Here's an idea: turn a tired area of your garden into a cutting-flower patch and you'll be picking blooms all summer
If you don’t have green fingers, start with long-lasting perennials and shrubs from your local nursery or garden centre. A trio of scented ‘Gertrude Jekyll’ roses underplanted with pincushions of astrantia, daisy-like echinacea, and the foliage of bronze fennel all make good picking and will supply dozens of fragrant bunches. While autumn is the time for planting daffs and tulips, spring is good for getting gladioli and allium bulbs in the ground, as well as dahlias, with their stunning cactus and anemone shapes.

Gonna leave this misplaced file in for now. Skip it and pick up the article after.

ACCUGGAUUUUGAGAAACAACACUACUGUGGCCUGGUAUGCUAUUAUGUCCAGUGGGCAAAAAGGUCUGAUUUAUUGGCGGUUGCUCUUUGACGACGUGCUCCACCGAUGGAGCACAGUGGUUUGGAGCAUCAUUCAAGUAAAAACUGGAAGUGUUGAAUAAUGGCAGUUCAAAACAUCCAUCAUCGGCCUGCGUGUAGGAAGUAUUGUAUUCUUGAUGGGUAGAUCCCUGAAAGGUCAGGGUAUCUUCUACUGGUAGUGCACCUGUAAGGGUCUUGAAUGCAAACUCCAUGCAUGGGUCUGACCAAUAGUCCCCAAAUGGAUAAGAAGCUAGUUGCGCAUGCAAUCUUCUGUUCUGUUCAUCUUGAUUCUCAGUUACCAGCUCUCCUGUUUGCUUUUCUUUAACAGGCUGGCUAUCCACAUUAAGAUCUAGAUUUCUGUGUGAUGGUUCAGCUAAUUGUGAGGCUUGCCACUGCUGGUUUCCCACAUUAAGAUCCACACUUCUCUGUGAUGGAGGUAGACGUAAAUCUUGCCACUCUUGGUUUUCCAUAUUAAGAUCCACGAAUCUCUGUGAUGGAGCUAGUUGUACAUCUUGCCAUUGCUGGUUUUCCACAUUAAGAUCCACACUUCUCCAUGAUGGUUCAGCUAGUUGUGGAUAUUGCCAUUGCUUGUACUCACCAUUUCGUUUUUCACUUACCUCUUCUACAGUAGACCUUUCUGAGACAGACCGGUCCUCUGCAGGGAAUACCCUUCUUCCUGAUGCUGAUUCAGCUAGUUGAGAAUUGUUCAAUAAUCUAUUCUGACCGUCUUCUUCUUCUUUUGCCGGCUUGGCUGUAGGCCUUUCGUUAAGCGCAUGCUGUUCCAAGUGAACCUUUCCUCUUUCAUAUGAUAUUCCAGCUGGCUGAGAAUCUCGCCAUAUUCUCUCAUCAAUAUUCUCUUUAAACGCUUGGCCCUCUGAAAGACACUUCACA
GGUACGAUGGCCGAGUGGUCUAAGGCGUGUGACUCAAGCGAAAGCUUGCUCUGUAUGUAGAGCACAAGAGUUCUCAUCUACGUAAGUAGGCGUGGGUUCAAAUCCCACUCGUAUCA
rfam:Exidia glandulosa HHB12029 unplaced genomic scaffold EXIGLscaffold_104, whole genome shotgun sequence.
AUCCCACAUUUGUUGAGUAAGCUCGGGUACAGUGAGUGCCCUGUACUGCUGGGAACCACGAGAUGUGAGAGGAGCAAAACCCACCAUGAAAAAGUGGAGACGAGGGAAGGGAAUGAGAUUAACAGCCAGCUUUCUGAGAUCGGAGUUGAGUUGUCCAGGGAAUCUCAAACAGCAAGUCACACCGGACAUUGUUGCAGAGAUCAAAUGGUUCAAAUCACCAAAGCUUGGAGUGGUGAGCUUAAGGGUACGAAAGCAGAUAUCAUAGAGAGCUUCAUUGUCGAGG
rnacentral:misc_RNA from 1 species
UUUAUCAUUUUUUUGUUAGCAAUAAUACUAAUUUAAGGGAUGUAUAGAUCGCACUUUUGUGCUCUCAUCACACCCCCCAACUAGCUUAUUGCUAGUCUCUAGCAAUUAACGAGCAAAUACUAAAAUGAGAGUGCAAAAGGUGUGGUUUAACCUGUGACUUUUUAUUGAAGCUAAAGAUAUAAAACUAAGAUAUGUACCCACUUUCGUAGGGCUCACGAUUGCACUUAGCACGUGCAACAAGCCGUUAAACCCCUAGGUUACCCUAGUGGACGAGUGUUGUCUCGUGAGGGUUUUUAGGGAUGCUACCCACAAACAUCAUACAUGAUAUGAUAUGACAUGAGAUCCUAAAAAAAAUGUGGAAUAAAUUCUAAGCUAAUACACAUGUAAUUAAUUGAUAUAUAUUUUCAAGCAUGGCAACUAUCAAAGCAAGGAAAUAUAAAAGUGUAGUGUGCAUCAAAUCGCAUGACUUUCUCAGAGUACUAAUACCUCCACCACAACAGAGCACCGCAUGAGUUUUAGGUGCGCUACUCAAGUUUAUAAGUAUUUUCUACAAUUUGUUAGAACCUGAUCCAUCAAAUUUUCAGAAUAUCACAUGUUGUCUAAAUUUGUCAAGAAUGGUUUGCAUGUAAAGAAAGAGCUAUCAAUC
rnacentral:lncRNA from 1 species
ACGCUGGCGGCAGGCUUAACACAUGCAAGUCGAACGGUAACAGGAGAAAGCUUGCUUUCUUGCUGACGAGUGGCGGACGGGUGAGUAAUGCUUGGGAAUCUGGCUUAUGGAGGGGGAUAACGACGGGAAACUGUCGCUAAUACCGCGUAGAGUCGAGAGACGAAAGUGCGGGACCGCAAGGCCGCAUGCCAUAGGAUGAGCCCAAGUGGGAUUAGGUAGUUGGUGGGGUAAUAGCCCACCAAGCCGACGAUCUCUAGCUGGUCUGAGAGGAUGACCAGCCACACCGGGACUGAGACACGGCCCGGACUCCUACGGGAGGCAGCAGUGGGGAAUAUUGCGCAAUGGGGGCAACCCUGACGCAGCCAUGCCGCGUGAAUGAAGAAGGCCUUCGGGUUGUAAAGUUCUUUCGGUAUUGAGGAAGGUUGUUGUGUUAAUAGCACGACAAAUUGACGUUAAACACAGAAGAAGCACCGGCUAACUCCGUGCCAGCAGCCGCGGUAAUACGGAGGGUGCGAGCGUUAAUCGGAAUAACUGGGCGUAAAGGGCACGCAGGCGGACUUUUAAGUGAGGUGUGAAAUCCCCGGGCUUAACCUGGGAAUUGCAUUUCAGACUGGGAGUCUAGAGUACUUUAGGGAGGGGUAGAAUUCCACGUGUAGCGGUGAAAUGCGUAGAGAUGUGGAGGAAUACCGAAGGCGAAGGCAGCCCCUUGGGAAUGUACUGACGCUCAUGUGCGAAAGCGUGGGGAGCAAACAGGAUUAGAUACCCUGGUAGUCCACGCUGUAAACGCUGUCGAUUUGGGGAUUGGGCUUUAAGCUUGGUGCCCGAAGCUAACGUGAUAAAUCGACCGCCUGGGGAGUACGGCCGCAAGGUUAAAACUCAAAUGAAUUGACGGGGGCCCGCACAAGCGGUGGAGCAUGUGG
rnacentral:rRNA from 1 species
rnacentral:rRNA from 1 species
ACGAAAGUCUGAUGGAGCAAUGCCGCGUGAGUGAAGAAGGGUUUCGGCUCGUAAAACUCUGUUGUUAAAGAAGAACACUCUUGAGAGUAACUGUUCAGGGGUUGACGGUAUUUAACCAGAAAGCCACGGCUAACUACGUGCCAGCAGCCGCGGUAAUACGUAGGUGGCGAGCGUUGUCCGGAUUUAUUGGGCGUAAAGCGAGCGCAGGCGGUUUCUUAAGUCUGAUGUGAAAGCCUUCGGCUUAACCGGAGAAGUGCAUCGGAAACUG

For everyday bunches of loveliness, sow sweet peas. They’re easy to grow, and so benevolent with their blooms, you can pick every day of summer. There’s a wide range of colour, too. Build a hazel or bamboo wigwam for them to twine around and plant at the base of each strut. As seedlings appear, encourage them to clamber onto the frame with twine. Tender seedlings are a gift to molluscs, so sprinkle some wildlife-friendly slug pellets, too.
Turn to page 118 for more cutting patch advice, including how to do the groundwork, growing from seed and how to arrange your blooms.